Slide RulesCylindrical Slide Rules
Writing a logarithmic scale in a spiral that is then imprinted around the outside of a cylinder allows instrument makers to lengthen the scale. Since a logarithmic scale only needs to run to 10 twice to include all possible results from adding or subtracting two logarithmic numbers, this means that the distance between the points on the scale may be increased. When any two numbers on the scale are further apart, the user may read a fractional position between these numbers (expressed as a decimal) to a finer level of granularity. For example, on a 10" linear slide rule, results generally may be calculated to only three significant figures (0.123, 1.23, 12.3, 123, 1230, and so on). A cylindrical slide rule may provide results of up to seven significant digits (0.1234567, 1.234567, 12.34567, 123.4567, 1234.567, and so on).
On the other hand, cylindrical slide rules were typically about twice as expensive to produce as linear slide rules, and the provenances for the objects on this page indeed suggest that, in the main, only corporate and government offices could afford them. A number of the objects in this category were received with instruction manuals and advertising pamphlets, which may be viewed in the Index by Makers & Retailers. The collection includes multiple examples for several of the objects, as the 23 items below represent only eight different slide rules, half developed in Europe and half invented by Americans. The cylindrical slide rule by Edwin Thacher, a Pennsylvania railroad bridge designer, also illustrates the 19th-century shift in production from Europe to the United States, as originally William Ford Stanley's London firm made the entire instrument. Then, Keuffel and Esser of New York City began constructing the wooden drum and brass and wood stand while continuing to import the scales printed on paper and pasted around the drum. Finally, K&E developed its own dividing engine for printing the scales and henceforth manufactured the entire instrument in the United States.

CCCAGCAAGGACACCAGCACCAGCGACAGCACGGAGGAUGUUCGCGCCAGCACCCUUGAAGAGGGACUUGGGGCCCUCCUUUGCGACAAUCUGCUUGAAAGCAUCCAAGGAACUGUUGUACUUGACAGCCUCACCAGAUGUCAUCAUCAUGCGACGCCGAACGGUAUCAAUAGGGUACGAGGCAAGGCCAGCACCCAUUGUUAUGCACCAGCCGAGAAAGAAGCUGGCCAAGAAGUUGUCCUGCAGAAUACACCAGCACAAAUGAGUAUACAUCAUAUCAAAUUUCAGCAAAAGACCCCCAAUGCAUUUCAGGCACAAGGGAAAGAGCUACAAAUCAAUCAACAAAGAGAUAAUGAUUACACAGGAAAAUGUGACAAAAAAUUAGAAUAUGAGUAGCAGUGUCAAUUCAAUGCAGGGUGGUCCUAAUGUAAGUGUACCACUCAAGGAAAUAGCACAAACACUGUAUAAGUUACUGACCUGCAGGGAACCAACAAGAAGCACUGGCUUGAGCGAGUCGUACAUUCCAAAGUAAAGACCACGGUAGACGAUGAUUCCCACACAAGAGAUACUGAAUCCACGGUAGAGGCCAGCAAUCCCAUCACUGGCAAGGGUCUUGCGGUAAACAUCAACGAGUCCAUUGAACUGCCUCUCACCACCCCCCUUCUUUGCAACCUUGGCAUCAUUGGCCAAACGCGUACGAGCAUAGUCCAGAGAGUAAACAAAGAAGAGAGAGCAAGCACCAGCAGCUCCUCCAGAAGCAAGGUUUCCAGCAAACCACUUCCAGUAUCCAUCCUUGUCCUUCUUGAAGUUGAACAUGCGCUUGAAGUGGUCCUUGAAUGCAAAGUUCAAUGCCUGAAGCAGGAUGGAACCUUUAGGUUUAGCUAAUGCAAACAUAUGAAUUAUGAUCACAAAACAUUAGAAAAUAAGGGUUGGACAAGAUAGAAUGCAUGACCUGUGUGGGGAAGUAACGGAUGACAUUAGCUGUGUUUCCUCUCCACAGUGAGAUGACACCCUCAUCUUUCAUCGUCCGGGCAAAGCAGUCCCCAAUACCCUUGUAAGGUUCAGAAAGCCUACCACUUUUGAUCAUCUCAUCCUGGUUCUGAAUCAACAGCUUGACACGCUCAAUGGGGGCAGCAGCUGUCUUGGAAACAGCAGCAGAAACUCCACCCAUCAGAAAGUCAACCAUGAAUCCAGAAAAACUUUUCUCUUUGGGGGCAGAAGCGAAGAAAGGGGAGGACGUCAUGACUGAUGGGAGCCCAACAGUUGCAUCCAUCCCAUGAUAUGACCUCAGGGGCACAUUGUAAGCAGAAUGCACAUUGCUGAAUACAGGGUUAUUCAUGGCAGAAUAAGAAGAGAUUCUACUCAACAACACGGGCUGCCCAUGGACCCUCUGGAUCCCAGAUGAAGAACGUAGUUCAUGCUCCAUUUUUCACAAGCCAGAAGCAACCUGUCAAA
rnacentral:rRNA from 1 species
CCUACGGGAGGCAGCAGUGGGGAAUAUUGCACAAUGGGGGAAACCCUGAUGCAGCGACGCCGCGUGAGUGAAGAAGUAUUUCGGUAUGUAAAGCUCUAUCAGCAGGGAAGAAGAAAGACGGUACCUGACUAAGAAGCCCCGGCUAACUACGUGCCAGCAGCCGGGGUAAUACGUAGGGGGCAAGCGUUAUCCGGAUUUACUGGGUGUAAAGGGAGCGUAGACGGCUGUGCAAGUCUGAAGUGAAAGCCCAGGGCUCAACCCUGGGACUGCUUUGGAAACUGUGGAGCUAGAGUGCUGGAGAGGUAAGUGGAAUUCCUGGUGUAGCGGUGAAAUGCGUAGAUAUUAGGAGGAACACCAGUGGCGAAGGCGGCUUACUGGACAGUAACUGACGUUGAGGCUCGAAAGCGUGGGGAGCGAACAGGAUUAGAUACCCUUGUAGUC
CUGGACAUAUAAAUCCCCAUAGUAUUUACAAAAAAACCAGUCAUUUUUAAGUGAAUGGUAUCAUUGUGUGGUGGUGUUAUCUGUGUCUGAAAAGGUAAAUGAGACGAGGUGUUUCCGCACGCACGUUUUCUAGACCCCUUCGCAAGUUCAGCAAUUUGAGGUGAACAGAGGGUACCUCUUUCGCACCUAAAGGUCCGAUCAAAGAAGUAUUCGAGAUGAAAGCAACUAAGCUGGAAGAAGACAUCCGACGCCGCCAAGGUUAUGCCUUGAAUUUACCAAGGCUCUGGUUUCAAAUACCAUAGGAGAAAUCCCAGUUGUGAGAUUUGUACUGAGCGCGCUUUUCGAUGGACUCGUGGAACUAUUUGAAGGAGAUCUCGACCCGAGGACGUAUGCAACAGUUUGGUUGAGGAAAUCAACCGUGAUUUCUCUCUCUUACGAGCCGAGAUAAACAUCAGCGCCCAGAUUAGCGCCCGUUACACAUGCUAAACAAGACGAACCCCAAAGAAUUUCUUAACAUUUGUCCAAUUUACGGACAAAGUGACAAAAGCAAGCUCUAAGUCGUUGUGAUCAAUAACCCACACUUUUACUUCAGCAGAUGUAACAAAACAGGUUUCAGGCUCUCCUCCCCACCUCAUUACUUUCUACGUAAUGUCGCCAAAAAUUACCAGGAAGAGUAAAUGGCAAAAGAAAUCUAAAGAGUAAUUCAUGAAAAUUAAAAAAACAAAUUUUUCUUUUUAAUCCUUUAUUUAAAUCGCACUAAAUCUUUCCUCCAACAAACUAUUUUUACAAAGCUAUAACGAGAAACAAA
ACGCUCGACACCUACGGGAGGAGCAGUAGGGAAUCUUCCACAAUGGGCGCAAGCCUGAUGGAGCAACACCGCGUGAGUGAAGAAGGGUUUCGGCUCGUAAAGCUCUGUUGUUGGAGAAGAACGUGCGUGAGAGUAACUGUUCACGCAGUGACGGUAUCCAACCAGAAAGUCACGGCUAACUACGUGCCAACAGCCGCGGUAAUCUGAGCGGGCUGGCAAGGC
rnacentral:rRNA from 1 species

"Slide Rules - Cylindrical Slide Rules" showing 1 items.
- This large cylindrical slide rule consists of an aluminum frame supporting a horizontal rotating aluminum drum. Paper covering the drum is marked with 60 logarithmic C and D scales that are 20.5" long and run from 1,000 to 10,000. Each scale repeats part of the previous scale, so the instrument is approximately equivalent to a linear slide rule 50 feet (or 15m) long. A slotted cylindrical sleeve that is 13" long fits over the drum. It slides back and forth. The right end of the sleeve is secured in an aluminum ring. The ring and sleeve can rotate independently of each other.
- The sleeve's 60 slats are marked with logarithmic scales that run from 100 to 1,000. Four small clear celluloid triangles attached to the slats serve as indicators. Black bands on either side of the drum and on the left side of the sleeve are marked with numbers from 1,000 to 9,623. The bands on the sleeve were originally covered with clear celluloid.
- The side pieces of the frame are both marked: LOGA. The ends of the drum are both marked: LOGA-CALCULATOR • ZURICH. The band on the right side of the sleeve is marked: Loga - Calculator 15m Patente Daemen Schmid, Uster - Zürich.
- The Swiss firm of Heinrich Daemen-Schmid manufactured approximately 30,000 cylindrical Loga-Calculators between 1900 and 1935. Daemen-Schmid patented the device in the United States in 1912. The donor, Jacques Kayalaff (1898–1983), was an international banker who used this instrument for calculations relating to currency exchange. He purchased it around 1925 for $500.
- References: Accession File; Dieter von Jezierski, Slide Rules: A Journey Through Three Centuries, trans. Rodger Shepherd (Mendham, N.J.: Astragal Press, 2000), 42, 44; Heinrich Daemen-Schmid, "Computing Device" (U.S. Patent 1,036,575 issued August 27, 1912); Heinz Joss, "350 Jahre Rechenschieber, und was die Region Zürich dazu beigetragen hat (350 Years of Slide Rules, and What the Zurich Region Has Contributed)," Vierteljahreszeitschrift der Naturforschenden Gesellschaft in Zürich 146, no. 2–3 (2001): 75–82, http://www.rechenschieber.org/zurich.html.
- Currently not on view
- date made
- ca 1925
- ID Number
- catalog number
- accession number
- Data Source
- National Museum of American History, Kenneth E. Behring Center